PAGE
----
Air conditioning is a process that involves the removal of heat and moisture from the air in a room or building. It works by using a refrigerant, a chemical that can change from a gas to a liquid and back again very easily. The air conditioning process involves several components, including:
- Compressor: The compressor is responsible for compressing the refrigerant gas to a high pressure and temperature.
- Condenser: The hot, high-pressure refrigerant gas then moves to the condenser where it releases heat to the outside environment, causing the refrigerant to condense into a liquid.
- Expansion valve: The expansion valve is a small device that reduces the pressure of the refrigerant liquid, causing it to evaporate into a gas again. This process absorbs heat from the surrounding air, cooling it down.
- Evaporator: The evaporator is where the cold refrigerant gas absorbs heat from the indoor air, cooling it down and causing the moisture in the air to condense into water.
- Fan: A fan blows the cooled air back into the room, while another fan blows the warm air outside.
The process of refrigerant gas being compressed, condensed, expanded, and evaporated continues in a cycle, constantly removing heat and moisture from the indoor air until the desired temperature and humidity level is reached. This cycle is controlled by a thermostat, which turns the air conditioning system on and off as needed to maintain the desired temperature.
The ideal indoor humidity level for a home can vary depending on several factors, including temperature, personal preferences, and health conditions.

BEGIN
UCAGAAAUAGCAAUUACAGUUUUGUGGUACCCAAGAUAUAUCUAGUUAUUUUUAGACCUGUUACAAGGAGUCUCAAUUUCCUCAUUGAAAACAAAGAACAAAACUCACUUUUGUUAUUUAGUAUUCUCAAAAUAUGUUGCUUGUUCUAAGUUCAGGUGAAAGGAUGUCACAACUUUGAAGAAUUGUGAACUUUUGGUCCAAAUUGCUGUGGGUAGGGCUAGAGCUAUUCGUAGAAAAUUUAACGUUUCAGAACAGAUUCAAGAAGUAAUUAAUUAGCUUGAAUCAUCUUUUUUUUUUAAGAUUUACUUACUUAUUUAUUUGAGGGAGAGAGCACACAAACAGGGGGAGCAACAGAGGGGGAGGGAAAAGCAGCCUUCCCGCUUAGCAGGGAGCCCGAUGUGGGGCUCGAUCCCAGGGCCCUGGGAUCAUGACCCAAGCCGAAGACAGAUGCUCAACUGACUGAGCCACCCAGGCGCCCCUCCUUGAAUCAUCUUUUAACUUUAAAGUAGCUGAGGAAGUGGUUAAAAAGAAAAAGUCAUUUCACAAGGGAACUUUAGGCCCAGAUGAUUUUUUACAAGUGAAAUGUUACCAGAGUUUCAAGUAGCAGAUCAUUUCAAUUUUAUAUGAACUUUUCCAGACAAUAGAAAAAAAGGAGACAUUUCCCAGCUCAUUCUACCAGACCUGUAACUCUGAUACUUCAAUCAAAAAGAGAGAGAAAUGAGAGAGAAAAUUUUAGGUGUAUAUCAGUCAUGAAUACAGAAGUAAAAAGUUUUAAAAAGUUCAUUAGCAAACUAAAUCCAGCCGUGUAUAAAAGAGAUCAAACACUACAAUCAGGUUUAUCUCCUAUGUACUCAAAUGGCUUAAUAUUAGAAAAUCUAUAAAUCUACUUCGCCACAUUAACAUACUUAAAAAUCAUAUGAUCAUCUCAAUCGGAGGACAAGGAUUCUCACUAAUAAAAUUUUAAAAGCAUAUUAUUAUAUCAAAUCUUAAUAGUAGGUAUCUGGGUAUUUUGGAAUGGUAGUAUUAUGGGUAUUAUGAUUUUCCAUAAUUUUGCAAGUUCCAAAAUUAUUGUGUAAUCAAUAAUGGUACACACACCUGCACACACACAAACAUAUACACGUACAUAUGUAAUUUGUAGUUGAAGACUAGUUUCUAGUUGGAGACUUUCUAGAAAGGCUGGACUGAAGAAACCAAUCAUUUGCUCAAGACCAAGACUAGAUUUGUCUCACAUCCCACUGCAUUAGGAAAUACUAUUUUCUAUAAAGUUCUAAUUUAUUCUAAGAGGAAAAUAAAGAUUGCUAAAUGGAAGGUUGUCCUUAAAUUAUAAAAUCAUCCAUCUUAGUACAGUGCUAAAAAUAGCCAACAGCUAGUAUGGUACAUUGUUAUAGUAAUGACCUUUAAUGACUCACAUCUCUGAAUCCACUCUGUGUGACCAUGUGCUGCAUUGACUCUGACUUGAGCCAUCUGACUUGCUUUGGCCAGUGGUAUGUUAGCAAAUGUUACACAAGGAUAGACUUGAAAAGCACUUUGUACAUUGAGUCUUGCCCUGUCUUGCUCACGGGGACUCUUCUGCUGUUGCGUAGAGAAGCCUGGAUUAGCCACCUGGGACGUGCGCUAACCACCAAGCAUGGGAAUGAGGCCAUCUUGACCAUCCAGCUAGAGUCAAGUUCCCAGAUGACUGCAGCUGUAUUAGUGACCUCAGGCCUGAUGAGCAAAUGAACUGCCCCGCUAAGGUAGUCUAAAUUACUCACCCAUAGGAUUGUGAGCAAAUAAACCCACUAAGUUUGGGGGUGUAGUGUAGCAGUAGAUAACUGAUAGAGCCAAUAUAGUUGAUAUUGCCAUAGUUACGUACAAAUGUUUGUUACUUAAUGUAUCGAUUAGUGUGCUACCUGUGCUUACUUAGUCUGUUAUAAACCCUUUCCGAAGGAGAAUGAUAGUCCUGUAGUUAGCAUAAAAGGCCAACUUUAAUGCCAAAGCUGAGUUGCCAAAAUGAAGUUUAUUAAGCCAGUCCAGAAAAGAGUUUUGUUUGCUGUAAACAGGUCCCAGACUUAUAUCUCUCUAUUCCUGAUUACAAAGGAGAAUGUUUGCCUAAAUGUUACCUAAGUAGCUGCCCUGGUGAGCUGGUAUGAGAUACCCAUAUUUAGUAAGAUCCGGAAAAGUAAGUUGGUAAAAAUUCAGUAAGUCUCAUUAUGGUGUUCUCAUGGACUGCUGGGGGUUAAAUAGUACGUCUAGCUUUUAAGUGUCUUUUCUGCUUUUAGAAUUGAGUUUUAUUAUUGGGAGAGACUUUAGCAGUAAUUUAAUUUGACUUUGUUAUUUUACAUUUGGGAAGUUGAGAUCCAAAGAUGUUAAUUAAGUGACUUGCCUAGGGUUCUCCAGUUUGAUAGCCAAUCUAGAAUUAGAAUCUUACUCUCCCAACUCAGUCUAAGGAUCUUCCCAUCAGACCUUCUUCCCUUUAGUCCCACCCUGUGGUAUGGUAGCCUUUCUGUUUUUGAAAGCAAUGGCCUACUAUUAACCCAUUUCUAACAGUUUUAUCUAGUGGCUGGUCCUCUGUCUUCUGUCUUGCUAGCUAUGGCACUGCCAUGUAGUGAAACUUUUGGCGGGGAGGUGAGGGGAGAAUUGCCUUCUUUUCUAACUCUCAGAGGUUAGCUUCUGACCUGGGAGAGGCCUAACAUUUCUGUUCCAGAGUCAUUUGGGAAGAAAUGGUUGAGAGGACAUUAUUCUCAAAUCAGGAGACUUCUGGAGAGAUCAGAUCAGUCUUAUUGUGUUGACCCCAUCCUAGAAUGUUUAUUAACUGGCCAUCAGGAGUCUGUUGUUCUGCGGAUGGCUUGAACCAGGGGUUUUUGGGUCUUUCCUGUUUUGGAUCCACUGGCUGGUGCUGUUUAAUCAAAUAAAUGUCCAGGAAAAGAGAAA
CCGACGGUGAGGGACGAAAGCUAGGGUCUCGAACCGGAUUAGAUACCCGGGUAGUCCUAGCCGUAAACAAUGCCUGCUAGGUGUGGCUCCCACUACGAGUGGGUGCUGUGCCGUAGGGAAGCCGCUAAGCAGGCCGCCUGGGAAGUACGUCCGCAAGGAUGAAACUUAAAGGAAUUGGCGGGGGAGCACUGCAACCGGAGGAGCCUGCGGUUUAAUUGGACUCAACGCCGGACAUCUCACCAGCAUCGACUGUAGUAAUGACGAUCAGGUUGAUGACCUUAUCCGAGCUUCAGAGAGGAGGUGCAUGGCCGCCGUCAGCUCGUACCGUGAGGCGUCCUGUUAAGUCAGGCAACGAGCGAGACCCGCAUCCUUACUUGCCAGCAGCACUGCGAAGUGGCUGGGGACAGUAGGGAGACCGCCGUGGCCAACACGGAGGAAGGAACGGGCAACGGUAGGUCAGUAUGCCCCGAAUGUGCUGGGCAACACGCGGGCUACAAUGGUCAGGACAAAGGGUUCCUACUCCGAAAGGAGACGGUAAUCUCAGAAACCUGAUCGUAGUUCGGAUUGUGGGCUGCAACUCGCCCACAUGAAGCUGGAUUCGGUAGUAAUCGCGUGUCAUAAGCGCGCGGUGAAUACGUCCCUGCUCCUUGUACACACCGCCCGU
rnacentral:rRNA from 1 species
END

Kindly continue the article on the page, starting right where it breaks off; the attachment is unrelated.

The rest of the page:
Generally, the American Society of Heating, Refrigerating and Air-Conditioning Engineers (ASHRAE) recommends an indoor humidity level of 30% to 60% for human comfort and health. However, this range can be adjusted based on individual needs and circumstances.
A.J. LeBlanc Heating is your Water Deduct Meter Installation Expert
What is a Water Deduct Meter?
A deduct meter measures the water used for irrigation and outdoor faucets and deducts this water from the sewage portion of your water bill. By deducting the outside water usage, you are only required to pay for the sewage fee for the water used inside your home, which will save you drastically on your monthly water bill. With a deduct meter, you can accurately measure how much water you used for outside watering needs and make sure you aren’t overpaying on your water bill.
Protect Your Garbage Disposal And Keep It Running Smoothly
Don't Put Certain Foods Down the Drain
Garbage disposals are a great way to help keep your kitchen clean, but it’s important to remember that not all foods should be put down the drain. Fibrous materials, like celery and onion skins, can clog your drain, while sticky materials, like grease, can be difficult for the disposal to grind up. Always refer to the manufacturer's instructions to see what can and cannot be put down your disposal.
The United States Department of Energy has changed the air conditioner and heat pump rating system from SEER, EER and HSPF to SEER2, EER2 and HSPF2. These new ratings better reflect the real-world conditions in which these air conditioners and heat pumps are being installed. Upgrading to an air conditioner or heat pump with the new ratings will help you maximize efficiency and comfort in your home.
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